As I write this column, I am still floating high on a pink-cloud after watching my son perform in a school play last night. What I witnessed was a group of young men and women perform at the same level of those who perform on Broadway.
The two teachers who auditioned these outstanding performers, practiced their parts with them and presented them to all of us are to be heralded. I must say that not only did this group of young performers rock, but so did the teachers. They formed a tight bond leading up to this play, “A Bad Year for Tomatoes” and hopefully, this bond will continue on.
Before last night’s second performance, a group of parents of those performing in this wonderful play including yours truly fed them a feast in celebration of all of our children along with these two wonderful teachers. It was a celebratory atmosphere and we were there to celebrate them. It is kind of nice to celebrate something in an era where we are faced with so many problems.
A few weeks ago, these two marvelous teachers took the cast on an outing to a Broadway play, “Billy Elliot” to experience the multi-faceted texture which makes up the proud profession called acting and my son came home filled with animation and excitement. I am left to wonder if any of these fine high school actors will pursue acting as a career, but at least they got a taste of it.
In retrospect, I suppose the same experience is felt by parents clear across this country seeing their child act so professionally in a high school play. In any of these wonderful performances, you as a parent sit in awe. As any parent, you are so proud of your child’s accomplishments. I know that I am.
The teachers who are able to mold the minds of our next generation is awe inspiring. Public school teachers are the unsung heroes in this society and as one looks upon the captains of industry, namely Wall Street executives, teachers beat them hands down. As teachers teach, they look to be the solution makers and that to me is meritorious.
Teachers also help mold the minds of their students to see that the world is truly their oyster. As one views and reads of a world filled with negativity, often teachers through our children’s accomplishments help us see the other side of the coin. Quite frankly, they can be our ‘Miracle workers’.
This does not solely occur with those who teach drama, it is replicated by those teachers who teach our children math, science, history and coach our children in any number of sports teams. If I forgot any subject, please forgive.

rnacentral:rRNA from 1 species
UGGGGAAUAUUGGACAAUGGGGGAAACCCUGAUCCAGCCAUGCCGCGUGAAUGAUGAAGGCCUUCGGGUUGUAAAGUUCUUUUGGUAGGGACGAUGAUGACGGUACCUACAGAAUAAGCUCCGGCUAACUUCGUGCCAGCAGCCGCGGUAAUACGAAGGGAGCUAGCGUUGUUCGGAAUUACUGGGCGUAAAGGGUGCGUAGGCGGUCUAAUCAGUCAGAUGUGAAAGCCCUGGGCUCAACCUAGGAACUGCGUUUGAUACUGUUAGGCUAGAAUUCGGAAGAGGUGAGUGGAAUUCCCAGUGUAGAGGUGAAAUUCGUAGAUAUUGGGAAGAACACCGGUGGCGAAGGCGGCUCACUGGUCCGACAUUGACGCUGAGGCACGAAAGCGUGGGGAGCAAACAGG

When I read any letter to the editor in my local newspaper (Newsday), complaining about the wages and benefits teachers make, I would love to confront the letter writer by asking: “Who exactly is with our children from early in the morning to at times late at night and then goes home to grade their tests, homework assignments, create lesson plans and yes stay with them as they perform on stage?” Teachers do!
I would say this same level of praise of teachers should be bestowed upon guidance councilors who help plan our children’s day-to-day learning experience and help plan their lives going forward. My children’s guidance councilor, I have often said after coming out of his office, “Miracles happen here” and they do. Besides being a great councilor, he is one hell of a singer. Ah, Broadway’s loss is truly our gain as parents.
When I hear the argument we do not make and produce anything within our country: One only has to look upon the faces of our children to know that is not so. Thanks to teachers, guidance councilors and other educators, our children come out of these wonderful public schools with a zest for life and if given a chance by the rest of us will reach the moon and back.
As I see politicians quibble over the cost of educating our children, come close and I will certainly tell any of you that putting funds into our public schools is truly priceless. These children as they enter these public schools clear across America are diamonds in the rough and thanks to teachers, they turn out gems of the highest quality.
This morning, I ask: Where will this great troop of actors go in their life? Sorry, I do not have a crystal ball, but what I do know is that two teachers were the ones who showed them anything and I mean anything is at least possible. These two outstanding teachers presented to me, a side of my son I never knew existed and that is pure magic.
To these two wonderful teachers as well as the cast and crew of this marvelous performance, “A Bad Year for Tomatoes”, all I will say is bravo for a job well done. If there were a ‘Tony Award’ for high school performances, all of you are deserving of it.
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